It does seem to us to be the time for a new adjustment, or for new assurances to the party menaced by the present condition of things.

But we propose no surrender of right; we do not propose to cement or reconstruct the Union with wrong. We would offer the South the securities and assurances that should satisfy their just claims and well founded apprehensions from the Federal power which has passed out of their hands, never to return again until peace is restored, confidence renewed, and that aggressive spirit which their fears inspired is laid aside. For, not until the recklessness of slavery extension, slavery intrusion, and slavery propagandism is wholly abandoned, can the South again have a party in the North to work with them and for them to any purpose.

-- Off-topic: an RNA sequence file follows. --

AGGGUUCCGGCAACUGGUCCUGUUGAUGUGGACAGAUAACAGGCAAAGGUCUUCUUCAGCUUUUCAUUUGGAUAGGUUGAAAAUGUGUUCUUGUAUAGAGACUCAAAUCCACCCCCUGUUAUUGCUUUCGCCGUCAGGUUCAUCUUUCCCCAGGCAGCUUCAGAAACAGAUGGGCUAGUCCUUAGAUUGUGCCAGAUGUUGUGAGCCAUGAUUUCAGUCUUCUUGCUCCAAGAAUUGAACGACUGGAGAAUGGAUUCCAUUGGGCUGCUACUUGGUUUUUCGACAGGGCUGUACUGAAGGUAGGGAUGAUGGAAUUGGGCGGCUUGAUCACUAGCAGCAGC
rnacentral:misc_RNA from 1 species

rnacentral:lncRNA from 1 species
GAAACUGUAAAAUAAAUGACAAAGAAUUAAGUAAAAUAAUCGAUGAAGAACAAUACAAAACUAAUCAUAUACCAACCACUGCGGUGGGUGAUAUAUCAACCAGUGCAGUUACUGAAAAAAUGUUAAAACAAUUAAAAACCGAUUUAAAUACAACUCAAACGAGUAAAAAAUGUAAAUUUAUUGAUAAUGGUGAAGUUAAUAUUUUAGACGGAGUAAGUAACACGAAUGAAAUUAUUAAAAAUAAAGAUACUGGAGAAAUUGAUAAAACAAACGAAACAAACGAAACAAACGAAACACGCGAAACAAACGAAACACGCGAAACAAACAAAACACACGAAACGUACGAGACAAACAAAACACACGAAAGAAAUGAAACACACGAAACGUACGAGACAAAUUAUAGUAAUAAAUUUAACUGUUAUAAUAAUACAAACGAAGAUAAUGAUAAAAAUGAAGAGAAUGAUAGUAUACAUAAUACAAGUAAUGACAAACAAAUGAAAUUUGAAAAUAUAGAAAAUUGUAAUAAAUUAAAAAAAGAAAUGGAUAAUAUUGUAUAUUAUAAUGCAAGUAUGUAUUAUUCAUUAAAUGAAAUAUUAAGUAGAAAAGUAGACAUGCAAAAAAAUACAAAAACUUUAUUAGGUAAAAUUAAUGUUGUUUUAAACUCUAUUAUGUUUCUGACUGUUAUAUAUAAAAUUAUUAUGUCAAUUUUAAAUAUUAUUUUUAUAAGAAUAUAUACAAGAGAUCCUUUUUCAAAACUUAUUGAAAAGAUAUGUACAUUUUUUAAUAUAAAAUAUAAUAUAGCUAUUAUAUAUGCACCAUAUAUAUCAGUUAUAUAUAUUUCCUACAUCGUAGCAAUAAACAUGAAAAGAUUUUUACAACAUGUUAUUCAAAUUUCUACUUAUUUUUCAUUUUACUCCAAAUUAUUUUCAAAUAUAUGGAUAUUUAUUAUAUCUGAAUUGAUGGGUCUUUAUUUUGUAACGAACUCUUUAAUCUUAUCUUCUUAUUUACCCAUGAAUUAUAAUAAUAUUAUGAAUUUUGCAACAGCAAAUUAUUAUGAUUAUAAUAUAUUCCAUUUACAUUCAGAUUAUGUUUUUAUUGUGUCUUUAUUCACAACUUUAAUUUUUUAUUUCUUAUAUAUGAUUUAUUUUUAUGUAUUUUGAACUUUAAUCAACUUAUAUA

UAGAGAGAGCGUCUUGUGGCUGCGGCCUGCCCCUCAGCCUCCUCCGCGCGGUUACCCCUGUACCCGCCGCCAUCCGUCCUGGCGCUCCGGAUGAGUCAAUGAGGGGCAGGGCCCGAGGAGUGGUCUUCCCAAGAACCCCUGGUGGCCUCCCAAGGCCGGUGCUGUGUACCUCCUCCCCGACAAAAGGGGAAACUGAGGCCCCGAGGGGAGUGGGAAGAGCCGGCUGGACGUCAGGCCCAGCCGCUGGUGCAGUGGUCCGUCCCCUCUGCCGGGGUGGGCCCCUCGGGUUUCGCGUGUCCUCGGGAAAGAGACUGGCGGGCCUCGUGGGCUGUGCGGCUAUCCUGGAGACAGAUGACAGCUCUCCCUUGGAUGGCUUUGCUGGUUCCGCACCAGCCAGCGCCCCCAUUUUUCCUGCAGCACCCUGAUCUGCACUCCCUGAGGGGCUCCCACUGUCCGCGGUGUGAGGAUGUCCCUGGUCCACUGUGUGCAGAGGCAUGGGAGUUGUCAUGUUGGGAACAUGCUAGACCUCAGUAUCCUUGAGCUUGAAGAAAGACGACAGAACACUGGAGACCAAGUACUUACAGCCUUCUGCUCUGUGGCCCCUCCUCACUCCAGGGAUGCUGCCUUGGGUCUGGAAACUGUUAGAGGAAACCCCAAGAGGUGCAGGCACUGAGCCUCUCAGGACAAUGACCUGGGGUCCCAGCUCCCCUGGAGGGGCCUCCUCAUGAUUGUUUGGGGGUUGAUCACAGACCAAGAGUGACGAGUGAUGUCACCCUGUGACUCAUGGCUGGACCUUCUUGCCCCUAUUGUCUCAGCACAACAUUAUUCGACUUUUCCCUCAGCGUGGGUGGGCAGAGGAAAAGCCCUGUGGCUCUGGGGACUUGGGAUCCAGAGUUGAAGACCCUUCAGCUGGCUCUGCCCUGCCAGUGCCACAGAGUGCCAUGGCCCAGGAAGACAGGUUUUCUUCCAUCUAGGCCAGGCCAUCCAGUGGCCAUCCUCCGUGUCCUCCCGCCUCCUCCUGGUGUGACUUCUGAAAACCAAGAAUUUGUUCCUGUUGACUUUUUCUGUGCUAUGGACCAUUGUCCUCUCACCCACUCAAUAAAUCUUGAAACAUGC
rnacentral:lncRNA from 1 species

The Constitutional election of a President by a sectional vote is no ground of complaint under the Constitution, and it is, therefore, no ground for secession; but it may be a reason for giving renewed assurances. An Executive, like an Executor, may be fairly asked to give additional securities, when additional power and additional trusts are vested in him, beyond those contemplated in the original bond. The Constitution took care to prevent both President and Vice President from being citizens of the same State. If the present exigency had been in contemplation, ten to one but the fathers would have provided that the chances of the Executive office should have been balanced over MASON and DIXON, so as to prevent that sectionalism on a grand scale, which they ruled out on a smaller and less dangerous one.